In light of that critique, one part of Mr. Barr’s his speech was striking. He claimed that conservatives endorsed actions and principles that would be “good for society over the long haul if this was done in all like circumstances,” while liberals used “any means necessary to gain momentary advantage in achieving their end, regardless of collateral consequences.”
Defending Mr. Trump from the accusation that he has “shredded” constitutional norms and undermined the rule of law, Mr. Barr also said liberals were instead the ones guilty of that. Rather than behaving like the “loyal opposition,” he said, they have acted like Mr. Trump is not the legitimate president and set out to sabotage his duly elected government.
And, in implicitly uniting his two themes, Mr. Barr invoked Mr. Trump’s ban on travelers from several Muslim-majority countries. Lower courts blocked the administration from enforcing its ban, ruling that it was motivated by unconstitutional religious animus. But last year, the Supreme Court let a watered-down version of the ban go into effect.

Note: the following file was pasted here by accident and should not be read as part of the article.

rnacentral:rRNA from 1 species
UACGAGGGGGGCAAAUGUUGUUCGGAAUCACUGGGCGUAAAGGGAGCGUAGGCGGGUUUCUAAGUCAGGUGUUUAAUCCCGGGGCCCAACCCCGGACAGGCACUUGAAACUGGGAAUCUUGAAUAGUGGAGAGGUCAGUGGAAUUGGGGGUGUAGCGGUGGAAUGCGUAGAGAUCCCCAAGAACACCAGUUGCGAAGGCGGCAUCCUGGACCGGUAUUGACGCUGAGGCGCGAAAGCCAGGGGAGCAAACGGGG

But in portraying that outcome as “vindication,” Mr. Barr did not mention that the Supreme Court ruling was 5 to 4. Mr. Gorsuch — whom Mr. Trump installed in the seat that Republicans, in an extraordinary exercise of constitutional hardball, would not let President Barack Obama fill in 2016 — provided the pivotal vote.
The result foreshadowed the prospect of many more such vindications for the worldview of movement conservatives like Mr. Barr in years to come.